Dan Haren, Marlins (vs. ARI, vs. BAL): Haren has failed just twice in seven starts to record a quality start, and those outings just happened to take place at the only hitter-friendly parks -- Citizens Bank Park and Dodger Stadium -- he has visited this year. Given a 36 percent ground ball rate, which is puny even by Haren's standards, the trend is not too surprising. Back at home for two starts, owners can be comforted by Haren's .122 Isolated Power allowed at spacious Marlins Park. Only a matchup against the Orioles, who own the majors' third-highest Iso, makes this a slightly risky week.
Trevor Bauer, Indians (at CHW, vs. CIN): Bauer has overcome a two-game strikeout slump, as he has racked up 15 Ks over 12 1/3 innings against the Cardinals and Twins in his two most recent starts. Aside from that, there is an awful lot on Bauer's stat page to make owners nervous. He is averaging 4.1 walks per nine innings, and an already low ground ball rate has dropped further after Bauer induced them at a 27 percent rate over his last two starts. In a week in which quality two-start options are scarce on waivers, there is some appeal in taking a chance with Bauer, especially since he faces the power-deprived White Sox. The Pale Hose could still be a threat at U.S. Cellular Field, and the Reds have been one of the majors' best power-hitting teams.
Strictly deep league options
Mike Fiers, Brewers (at DET, at ATL): Fiers doesn't possess Bauer's velocity, but he poses a similar conundrum. He has actually been a far better and more consistent strikeout pitcher than Bauer, ranking second in the majors with a 12.3 K/9 ratio. He has also been a much bigger threat to give up the long ball, having allowed six home runs in 36 innings, and uncharacteristically, Fiers has walked 15 batters over those innings. He's actually a shakier play than Bauer. Whereas both pitchers have been flyball-prone, only Fiers has been allowing flies to travel great distances, and he is allowing hard contact at the highest rate in the majors (48 percent rate, per FanGraphs). If this distinction makes Bauer a reasonable last-resort option, it also makes Fiers someone to sit in order to play it safe.
Drew Pomeranz, Athletics (at HOU, at TB): On Tuesday, Pomeranz turned in a solid quality start against the Red Sox, but it was his first since his season debut against the Mariners. In the month-plus in between, Pomeranz was pummeled with a 6.57 ERA and 1.70 WHIP over five starts. To be fair, he probably deserved better than those stats and the .342 BABIP that undergirded them, but he didn't help matters by allowing too many walks (11 in 24 2/3 innings) and extra-base hits (.204 Iso). If Pomeranz were a big-time strikeout artist, we might forgive those flaws, especially with the Astros starting off his week. Given that Houston has the American League's highest team Iso entering the weekend, that matchup presents a lot more risk than reward for the lefty, and that start alone could ruin his week -- and yours, if you start him.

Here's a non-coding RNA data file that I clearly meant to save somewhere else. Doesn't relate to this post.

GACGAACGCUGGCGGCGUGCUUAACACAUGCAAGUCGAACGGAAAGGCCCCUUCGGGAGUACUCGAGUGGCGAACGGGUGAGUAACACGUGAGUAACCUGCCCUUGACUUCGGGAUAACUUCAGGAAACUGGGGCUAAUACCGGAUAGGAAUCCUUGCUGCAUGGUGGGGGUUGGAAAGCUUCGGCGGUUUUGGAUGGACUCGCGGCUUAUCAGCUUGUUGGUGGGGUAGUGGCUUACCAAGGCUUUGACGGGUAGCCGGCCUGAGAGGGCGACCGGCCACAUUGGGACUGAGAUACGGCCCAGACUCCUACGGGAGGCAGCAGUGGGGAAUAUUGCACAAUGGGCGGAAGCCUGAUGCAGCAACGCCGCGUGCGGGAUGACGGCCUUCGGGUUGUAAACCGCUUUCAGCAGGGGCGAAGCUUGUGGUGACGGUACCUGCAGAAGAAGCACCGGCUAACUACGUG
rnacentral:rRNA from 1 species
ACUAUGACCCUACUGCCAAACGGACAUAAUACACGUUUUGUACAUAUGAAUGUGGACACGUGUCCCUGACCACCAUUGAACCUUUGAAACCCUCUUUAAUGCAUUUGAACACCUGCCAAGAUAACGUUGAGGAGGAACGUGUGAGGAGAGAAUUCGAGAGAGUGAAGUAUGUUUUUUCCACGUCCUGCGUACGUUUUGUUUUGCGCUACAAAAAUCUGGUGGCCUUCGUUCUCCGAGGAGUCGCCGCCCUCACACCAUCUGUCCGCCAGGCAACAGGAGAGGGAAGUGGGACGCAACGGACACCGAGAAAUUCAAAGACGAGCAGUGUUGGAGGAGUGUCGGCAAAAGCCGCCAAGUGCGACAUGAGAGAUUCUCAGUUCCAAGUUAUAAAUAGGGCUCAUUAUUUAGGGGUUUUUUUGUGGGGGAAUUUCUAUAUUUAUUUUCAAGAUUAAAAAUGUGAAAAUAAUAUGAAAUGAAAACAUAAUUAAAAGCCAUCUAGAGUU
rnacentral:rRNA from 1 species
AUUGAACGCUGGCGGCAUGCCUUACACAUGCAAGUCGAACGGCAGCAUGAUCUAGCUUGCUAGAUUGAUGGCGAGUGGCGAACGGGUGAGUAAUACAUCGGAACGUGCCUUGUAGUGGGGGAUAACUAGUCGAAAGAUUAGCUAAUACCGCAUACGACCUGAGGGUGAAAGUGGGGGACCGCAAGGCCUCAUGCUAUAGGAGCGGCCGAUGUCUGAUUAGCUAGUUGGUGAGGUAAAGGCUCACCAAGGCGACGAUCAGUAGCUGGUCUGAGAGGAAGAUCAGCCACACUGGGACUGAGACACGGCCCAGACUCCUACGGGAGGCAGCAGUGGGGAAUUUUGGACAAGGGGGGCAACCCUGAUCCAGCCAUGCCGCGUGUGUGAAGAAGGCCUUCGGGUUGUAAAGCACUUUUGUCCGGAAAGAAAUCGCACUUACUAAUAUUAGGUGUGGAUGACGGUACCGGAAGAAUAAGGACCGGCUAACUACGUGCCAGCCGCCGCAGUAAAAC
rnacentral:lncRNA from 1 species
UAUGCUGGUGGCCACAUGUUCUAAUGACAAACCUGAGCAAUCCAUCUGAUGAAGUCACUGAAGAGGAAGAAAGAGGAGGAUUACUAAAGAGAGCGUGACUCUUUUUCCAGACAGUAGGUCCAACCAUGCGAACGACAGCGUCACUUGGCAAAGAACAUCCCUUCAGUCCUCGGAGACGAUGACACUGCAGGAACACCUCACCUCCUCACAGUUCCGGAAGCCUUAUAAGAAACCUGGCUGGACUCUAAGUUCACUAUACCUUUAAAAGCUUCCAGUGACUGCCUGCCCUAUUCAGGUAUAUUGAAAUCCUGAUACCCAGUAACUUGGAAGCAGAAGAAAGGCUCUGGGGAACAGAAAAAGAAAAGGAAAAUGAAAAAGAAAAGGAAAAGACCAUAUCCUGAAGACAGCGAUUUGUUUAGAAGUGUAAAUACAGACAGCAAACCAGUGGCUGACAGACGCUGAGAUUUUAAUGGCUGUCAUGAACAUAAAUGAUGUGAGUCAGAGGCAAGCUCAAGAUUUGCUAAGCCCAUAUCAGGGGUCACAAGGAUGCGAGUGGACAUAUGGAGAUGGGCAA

Hector Santiago, Angels (at TOR, at BOS): 2015 is looking like a breakout season for Santiago so far, but while he has made improvements, he is also proving that small samples can be deceiving. He is pitching with better control, having thrown 63 percent of his pitches for strikes and issuing no more than two walks in four of his seven starts. By inducing more swings at pitches outside the strike zone, Santiago has also enhanced his strikeout rate, totaling 39 Ks in 41 innings. He is still every bit as much of a flyball pitcher as he has been in the past, though, as his measly 32 percent ground ball rate indicates. Santiago hasn't been hurt by those tendencies yet, but the schedule has helped him out, providing five starts at Angel Stadium and another at AT&T Park. With trips to Rogers Centre and Fenway Park this week, Santiago's season could be on the verge of taking an ugly turn.
Nathan Karns, Rays (at ATL, vs. OAK): A 3.77 ERA makes Karns look like a possible candidate to use in a two-start week, and a 1.17 WHIP may give you reason to give him a closer look. Upon inspection, you'll find that Karns is better left for your deeper league teams, or more likely, on waivers or your bench. On the positive side, he could continue to provide roughly a strikeout for each inning he pitches, but even across a pair of starts, he may not throw that many frames. As has been his wont at times, Karns is having control issues (4.2 BB/9), and allowing too much hard contact (1.2 HR/9, 34 percent hard contact rate). A .230 BABIP has saved Karns from a worse fate, but if his luck runs out this week, owners should be prepared for some Karn-age.